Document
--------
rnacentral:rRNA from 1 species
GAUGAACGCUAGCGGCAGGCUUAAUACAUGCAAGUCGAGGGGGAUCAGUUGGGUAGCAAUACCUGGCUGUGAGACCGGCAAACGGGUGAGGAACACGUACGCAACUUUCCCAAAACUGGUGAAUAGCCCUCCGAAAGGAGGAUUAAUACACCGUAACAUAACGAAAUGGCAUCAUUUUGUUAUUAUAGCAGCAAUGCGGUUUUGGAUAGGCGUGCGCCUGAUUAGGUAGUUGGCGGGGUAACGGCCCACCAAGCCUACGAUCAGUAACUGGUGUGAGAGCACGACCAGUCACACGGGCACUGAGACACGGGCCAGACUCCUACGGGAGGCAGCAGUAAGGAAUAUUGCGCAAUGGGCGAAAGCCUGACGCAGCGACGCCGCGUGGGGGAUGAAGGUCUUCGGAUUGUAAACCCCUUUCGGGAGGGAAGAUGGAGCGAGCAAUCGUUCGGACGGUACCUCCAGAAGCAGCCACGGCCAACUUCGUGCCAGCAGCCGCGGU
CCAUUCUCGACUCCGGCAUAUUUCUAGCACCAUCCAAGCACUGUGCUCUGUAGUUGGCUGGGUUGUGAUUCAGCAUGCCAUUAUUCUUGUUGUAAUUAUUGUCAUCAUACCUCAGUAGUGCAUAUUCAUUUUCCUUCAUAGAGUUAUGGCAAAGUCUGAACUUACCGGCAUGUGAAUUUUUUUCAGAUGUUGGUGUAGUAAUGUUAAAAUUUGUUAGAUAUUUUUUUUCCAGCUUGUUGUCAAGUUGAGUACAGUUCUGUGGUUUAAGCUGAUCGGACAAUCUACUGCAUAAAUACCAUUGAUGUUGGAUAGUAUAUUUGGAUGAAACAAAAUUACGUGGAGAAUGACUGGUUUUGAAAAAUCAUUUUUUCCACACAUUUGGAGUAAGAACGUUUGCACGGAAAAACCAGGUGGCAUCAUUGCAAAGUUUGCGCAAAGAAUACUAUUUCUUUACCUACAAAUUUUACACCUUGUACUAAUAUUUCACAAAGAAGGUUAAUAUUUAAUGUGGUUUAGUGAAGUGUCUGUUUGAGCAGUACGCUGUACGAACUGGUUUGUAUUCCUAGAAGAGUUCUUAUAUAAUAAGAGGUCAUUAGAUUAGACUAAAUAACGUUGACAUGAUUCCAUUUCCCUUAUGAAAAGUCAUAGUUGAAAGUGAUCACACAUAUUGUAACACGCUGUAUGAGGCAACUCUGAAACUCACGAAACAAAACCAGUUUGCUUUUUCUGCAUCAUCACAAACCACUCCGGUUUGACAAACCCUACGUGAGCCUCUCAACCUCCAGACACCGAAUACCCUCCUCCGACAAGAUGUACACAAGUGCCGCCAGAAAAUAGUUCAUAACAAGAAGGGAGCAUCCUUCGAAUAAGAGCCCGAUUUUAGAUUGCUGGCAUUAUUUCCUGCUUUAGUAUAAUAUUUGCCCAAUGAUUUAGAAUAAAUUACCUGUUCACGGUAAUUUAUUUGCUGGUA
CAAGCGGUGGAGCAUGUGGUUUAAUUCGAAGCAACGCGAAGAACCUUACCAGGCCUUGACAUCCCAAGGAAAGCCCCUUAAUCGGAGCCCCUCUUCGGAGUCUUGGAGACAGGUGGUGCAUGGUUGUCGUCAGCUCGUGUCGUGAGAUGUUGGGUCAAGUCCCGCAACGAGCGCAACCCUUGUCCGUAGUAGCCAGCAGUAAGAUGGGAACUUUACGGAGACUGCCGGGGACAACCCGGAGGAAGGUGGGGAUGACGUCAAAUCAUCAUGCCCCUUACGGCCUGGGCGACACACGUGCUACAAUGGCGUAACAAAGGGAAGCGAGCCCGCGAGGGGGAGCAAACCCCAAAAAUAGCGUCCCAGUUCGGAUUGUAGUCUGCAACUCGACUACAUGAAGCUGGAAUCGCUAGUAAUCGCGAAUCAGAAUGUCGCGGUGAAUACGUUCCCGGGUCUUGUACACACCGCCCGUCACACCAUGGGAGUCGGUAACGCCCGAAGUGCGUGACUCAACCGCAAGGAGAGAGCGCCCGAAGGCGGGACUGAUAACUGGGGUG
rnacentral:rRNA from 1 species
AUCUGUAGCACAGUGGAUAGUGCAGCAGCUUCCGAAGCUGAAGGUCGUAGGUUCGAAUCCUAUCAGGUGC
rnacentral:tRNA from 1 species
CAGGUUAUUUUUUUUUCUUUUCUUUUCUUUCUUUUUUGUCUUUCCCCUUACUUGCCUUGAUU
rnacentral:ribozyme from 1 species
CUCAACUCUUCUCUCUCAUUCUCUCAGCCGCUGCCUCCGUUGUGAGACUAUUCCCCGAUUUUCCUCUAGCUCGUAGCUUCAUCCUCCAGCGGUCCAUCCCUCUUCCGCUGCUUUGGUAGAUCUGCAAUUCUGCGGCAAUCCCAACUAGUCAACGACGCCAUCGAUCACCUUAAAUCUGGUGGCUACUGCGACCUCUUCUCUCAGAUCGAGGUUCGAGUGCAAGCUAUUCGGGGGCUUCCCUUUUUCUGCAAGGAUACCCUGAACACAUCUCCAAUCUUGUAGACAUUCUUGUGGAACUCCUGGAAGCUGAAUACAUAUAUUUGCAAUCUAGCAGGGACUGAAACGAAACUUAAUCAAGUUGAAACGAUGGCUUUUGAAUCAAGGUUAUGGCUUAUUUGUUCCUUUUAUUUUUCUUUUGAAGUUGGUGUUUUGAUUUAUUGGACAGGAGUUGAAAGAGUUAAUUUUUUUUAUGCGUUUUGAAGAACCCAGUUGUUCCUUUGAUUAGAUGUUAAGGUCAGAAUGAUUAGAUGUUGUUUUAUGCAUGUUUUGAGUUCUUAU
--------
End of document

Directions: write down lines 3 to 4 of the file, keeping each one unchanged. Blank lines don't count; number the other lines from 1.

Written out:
CCAUUCUCGACUCCGGCAUAUUUCUAGCACCAUCCAAGCACUGUGCUCUGUAGUUGGCUGGGUUGUGAUUCAGCAUGCCAUUAUUCUUGUUGUAAUUAUUGUCAUCAUACCUCAGUAGUGCAUAUUCAUUUUCCUUCAUAGAGUUAUGGCAAAGUCUGAACUUACCGGCAUGUGAAUUUUUUUCAGAUGUUGGUGUAGUAAUGUUAAAAUUUGUUAGAUAUUUUUUUUCCAGCUUGUUGUCAAGUUGAGUACAGUUCUGUGGUUUAAGCUGAUCGGACAAUCUACUGCAUAAAUACCAUUGAUGUUGGAUAGUAUAUUUGGAUGAAACAAAAUUACGUGGAGAAUGACUGGUUUUGAAAAAUCAUUUUUUCCACACAUUUGGAGUAAGAACGUUUGCACGGAAAAACCAGGUGGCAUCAUUGCAAAGUUUGCGCAAAGAAUACUAUUUCUUUACCUACAAAUUUUACACCUUGUACUAAUAUUUCACAAAGAAGGUUAAUAUUUAAUGUGGUUUAGUGAAGUGUCUGUUUGAGCAGUACGCUGUACGAACUGGUUUGUAUUCCUAGAAGAGUUCUUAUAUAAUAAGAGGUCAUUAGAUUAGACUAAAUAACGUUGACAUGAUUCCAUUUCCCUUAUGAAAAGUCAUAGUUGAAAGUGAUCACACAUAUUGUAACACGCUGUAUGAGGCAACUCUGAAACUCACGAAACAAAACCAGUUUGCUUUUUCUGCAUCAUCACAAACCACUCCGGUUUGACAAACCCUACGUGAGCCUCUCAACCUCCAGACACCGAAUACCCUCCUCCGACAAGAUGUACACAAGUGCCGCCAGAAAAUAGUUCAUAACAAGAAGGGAGCAUCCUUCGAAUAAGAGCCCGAUUUUAGAUUGCUGGCAUUAUUUCCUGCUUUAGUAUAAUAUUUGCCCAAUGAUUUAGAAUAAAUUACCUGUUCACGGUAAUUUAUUUGCUGGUA
CAAGCGGUGGAGCAUGUGGUUUAAUUCGAAGCAACGCGAAGAACCUUACCAGGCCUUGACAUCCCAAGGAAAGCCCCUUAAUCGGAGCCCCUCUUCGGAGUCUUGGAGACAGGUGGUGCAUGGUUGUCGUCAGCUCGUGUCGUGAGAUGUUGGGUCAAGUCCCGCAACGAGCGCAACCCUUGUCCGUAGUAGCCAGCAGUAAGAUGGGAACUUUACGGAGACUGCCGGGGACAACCCGGAGGAAGGUGGGGAUGACGUCAAAUCAUCAUGCCCCUUACGGCCUGGGCGACACACGUGCUACAAUGGCGUAACAAAGGGAAGCGAGCCCGCGAGGGGGAGCAAACCCCAAAAAUAGCGUCCCAGUUCGGAUUGUAGUCUGCAACUCGACUACAUGAAGCUGGAAUCGCUAGUAAUCGCGAAUCAGAAUGUCGCGGUGAAUACGUUCCCGGGUCUUGUACACACCGCCCGUCACACCAUGGGAGUCGGUAACGCCCGAAGUGCGUGACUCAACCGCAAGGAGAGAGCGCCCGAAGGCGGGACUGAUAACUGGGGUG